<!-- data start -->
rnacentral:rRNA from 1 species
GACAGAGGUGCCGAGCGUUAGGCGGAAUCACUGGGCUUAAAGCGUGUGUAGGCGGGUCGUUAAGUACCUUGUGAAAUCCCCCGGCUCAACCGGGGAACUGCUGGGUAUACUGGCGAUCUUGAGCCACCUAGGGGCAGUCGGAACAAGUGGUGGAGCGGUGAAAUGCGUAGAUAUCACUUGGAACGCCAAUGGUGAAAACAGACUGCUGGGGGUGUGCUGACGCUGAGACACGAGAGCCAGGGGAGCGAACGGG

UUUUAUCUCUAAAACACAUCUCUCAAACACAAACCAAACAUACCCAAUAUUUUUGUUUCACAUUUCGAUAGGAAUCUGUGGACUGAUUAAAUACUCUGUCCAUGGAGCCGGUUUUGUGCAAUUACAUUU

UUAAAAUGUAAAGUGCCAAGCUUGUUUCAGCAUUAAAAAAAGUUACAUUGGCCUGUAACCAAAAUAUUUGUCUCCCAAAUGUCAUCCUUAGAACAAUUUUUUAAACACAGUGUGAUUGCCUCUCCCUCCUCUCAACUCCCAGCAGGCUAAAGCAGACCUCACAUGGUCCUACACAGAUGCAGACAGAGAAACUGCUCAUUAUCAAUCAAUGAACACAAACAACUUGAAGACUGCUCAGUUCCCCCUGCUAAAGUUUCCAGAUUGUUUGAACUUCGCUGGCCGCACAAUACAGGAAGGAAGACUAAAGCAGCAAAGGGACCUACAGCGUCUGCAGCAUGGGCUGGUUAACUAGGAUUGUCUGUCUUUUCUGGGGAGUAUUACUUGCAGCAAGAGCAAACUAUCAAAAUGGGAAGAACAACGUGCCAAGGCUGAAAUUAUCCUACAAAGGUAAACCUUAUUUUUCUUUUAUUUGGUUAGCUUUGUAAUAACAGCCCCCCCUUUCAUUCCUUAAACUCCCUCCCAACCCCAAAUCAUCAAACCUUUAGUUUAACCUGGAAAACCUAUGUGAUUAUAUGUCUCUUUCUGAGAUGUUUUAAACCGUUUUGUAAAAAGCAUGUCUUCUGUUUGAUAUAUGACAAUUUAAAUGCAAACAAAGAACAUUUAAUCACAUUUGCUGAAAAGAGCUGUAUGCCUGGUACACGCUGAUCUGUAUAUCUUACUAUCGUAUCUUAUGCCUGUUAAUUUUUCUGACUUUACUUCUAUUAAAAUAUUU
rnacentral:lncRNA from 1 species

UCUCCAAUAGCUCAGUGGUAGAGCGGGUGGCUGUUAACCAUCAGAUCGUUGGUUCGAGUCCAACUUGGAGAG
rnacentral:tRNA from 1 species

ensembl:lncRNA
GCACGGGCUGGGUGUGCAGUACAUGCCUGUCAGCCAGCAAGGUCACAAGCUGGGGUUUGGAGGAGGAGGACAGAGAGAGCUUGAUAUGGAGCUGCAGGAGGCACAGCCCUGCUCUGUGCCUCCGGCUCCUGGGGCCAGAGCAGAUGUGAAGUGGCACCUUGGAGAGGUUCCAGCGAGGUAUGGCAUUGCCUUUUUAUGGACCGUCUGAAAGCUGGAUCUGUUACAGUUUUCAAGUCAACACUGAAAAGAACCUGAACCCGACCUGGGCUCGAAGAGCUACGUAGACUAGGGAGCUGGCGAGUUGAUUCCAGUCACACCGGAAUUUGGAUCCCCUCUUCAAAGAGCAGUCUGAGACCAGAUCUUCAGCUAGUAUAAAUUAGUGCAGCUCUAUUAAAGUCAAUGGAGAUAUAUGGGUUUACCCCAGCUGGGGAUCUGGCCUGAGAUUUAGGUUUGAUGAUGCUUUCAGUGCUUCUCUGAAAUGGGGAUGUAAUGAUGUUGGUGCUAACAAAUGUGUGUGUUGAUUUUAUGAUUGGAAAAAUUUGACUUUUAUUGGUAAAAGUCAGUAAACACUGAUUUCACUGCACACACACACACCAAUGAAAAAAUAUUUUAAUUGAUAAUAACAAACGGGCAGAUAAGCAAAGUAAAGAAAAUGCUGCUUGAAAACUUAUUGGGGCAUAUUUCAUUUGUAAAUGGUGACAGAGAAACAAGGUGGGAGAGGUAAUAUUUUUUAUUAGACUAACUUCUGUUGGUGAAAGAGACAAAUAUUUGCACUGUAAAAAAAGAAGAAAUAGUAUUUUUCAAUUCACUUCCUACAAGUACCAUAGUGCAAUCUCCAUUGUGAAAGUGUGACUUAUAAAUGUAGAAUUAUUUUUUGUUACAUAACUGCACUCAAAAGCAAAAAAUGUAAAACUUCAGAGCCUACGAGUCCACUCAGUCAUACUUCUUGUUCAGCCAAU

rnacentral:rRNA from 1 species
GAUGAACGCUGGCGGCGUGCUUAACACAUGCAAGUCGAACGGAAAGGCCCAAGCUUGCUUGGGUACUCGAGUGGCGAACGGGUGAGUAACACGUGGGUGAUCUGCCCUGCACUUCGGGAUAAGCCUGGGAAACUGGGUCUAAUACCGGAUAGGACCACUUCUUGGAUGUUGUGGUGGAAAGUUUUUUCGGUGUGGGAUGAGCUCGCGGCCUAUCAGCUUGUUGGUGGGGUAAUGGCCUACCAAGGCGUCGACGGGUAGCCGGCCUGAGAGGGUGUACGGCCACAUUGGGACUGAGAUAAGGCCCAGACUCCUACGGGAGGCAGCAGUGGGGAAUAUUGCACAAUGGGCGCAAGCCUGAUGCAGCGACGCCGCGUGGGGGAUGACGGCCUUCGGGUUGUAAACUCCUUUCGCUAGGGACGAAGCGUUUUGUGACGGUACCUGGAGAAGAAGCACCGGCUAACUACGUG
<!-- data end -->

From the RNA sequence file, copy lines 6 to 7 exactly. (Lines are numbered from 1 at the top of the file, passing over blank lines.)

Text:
UCUCCAAUAGCUCAGUGGUAGAGCGGGUGGCUGUUAACCAUCAGAUCGUUGGUUCGAGUCCAACUUGGAGAG
rnacentral:tRNA from 1 species